Wednesday, October 20, 2010

Sibling Support

The other night my middle child asked me a serious question. He wanted to know if he was the only kid to have a brother with a mood disorder. He explained that it was very hard and he felt like he was the only kid in the world like this.

This was a wonderful question and also an eye opening one too. I was surprised to find that my 7 year old had these type of thoughts. I knew that things were hard for him and he wished his brother never had this disorder, but I never thought about how he saw himself fitting into the world.

His question is one I understand very much. For me, seeking support started with finding other moms just like me, so I could find comfort in knowing that I wasn’t alone. So, I guess I shouldn’t be surprised that he would have these feelings too.

With a hug and heart-to-heart talk, I was able to reassure him that he wasn’t alone, sharing that there were many other families just like ours. I also told him that if he was ever interested, I would seek out a support group with kids just like him, so he could talk with them about his experience. He thought that was pretty cool and decided maybe he would someday when he was older, but for now, he was already feeling better after talking with me.

This moment was a good reminder that everyone in our family may need support, but since I haven’t crossed this bridge yet, it got me thinking about what many of you do to help your other children. Please share with us, for when the time is right, I want to be able to do everything I can.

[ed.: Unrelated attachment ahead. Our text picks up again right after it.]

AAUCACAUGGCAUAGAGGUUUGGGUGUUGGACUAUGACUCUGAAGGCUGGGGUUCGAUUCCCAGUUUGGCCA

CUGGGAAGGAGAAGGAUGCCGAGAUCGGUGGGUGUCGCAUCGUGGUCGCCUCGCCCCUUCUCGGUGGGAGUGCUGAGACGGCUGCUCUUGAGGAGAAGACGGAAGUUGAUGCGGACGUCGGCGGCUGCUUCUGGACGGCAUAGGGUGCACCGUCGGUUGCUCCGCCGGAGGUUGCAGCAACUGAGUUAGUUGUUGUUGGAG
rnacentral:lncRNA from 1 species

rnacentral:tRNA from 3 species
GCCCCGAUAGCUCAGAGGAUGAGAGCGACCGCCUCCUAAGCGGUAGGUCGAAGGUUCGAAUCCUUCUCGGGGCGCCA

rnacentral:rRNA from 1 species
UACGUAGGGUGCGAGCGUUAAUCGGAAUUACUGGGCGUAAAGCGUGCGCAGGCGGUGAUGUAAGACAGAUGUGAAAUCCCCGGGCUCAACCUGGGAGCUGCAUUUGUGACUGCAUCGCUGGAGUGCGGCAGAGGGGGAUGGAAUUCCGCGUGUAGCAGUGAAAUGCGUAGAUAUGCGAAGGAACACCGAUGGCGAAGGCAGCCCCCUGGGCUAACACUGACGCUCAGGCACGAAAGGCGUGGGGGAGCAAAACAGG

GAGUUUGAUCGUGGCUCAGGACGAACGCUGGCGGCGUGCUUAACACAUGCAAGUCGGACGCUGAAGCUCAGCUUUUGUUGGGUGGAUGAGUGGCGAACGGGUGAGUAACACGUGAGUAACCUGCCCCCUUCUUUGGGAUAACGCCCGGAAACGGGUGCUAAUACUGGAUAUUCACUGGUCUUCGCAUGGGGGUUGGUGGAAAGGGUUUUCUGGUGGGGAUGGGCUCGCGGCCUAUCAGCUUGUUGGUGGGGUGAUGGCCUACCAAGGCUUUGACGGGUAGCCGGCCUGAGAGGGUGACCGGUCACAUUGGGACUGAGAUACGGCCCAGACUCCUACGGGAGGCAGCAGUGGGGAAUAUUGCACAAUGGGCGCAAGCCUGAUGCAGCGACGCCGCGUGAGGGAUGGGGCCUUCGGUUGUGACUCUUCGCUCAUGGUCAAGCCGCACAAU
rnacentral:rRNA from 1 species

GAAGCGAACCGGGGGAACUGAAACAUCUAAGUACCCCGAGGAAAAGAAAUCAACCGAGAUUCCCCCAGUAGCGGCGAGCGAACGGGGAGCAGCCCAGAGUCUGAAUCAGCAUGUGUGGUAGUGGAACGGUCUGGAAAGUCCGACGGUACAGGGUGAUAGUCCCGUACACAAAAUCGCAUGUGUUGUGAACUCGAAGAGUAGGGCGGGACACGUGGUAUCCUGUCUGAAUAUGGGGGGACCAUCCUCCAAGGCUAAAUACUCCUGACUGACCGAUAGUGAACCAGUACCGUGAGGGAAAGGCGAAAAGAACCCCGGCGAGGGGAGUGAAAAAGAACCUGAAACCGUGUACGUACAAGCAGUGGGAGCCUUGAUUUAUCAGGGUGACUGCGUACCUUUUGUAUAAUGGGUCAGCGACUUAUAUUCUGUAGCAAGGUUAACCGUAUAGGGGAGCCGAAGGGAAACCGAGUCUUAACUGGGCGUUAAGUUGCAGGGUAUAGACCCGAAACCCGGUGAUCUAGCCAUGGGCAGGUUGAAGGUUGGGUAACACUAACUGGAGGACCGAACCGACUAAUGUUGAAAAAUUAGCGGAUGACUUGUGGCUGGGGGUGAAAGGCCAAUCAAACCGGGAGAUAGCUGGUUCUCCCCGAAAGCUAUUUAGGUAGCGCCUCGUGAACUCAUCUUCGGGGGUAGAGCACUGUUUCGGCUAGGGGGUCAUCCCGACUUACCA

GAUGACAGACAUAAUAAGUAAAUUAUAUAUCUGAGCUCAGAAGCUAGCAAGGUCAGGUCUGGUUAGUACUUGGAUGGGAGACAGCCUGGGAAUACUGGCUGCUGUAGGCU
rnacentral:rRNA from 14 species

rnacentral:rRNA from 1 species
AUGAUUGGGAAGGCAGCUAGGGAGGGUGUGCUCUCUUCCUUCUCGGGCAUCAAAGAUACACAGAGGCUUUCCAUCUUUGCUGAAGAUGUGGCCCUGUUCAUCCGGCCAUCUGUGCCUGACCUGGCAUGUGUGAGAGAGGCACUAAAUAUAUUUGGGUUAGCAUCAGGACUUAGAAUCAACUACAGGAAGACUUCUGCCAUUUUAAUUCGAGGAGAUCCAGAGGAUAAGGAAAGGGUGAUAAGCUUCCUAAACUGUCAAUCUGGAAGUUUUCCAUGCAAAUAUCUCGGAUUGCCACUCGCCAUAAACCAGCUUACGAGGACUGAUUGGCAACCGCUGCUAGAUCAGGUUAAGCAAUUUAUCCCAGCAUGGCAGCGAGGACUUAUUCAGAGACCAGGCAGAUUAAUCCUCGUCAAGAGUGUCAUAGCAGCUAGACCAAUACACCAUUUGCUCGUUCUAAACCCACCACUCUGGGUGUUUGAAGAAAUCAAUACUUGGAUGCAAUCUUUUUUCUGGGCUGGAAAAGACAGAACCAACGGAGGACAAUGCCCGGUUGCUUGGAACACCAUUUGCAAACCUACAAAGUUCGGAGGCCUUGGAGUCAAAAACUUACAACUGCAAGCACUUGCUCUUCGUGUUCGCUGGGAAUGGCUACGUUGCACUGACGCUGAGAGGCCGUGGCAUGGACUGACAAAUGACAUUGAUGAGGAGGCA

1. I grew up with a sibling with emotional issues and wish my parents had provided me with those kinds of resources. I think NAMI may have resources for siblings. Hopefully your kids get outlets to discuss and work out their feelings in whatever way they need over the years. I don't know how likely they are to come tell you they need support as your son did in this case, so a little encouragement and checking in with them regularly in that area could help too.

    As I'm sure you know, the whole family is affected by this type of situation, and for children it can be harder since they don't have the perspective and coping skills that we as adults have.

    It sounds like you are doing the best you can for all your kids under tough circumstances. From my own personal experience I just add make sure to let the other kids feel valued and have attention, as that can often fall by the wayside when one child has a lot of intensive needs.

  2. Thank you so much for sharing your experience, it is so helpful to get feedback from someone who has lived it from your perspective. We need to be reminded to touch base with our other kids when they themselves aren't expressing it on their own and to make the effort to give them special attention, it can easily get lost with everything else we are trying to do. The last thing I want to do is miss the opportunity to help my other kids get through this.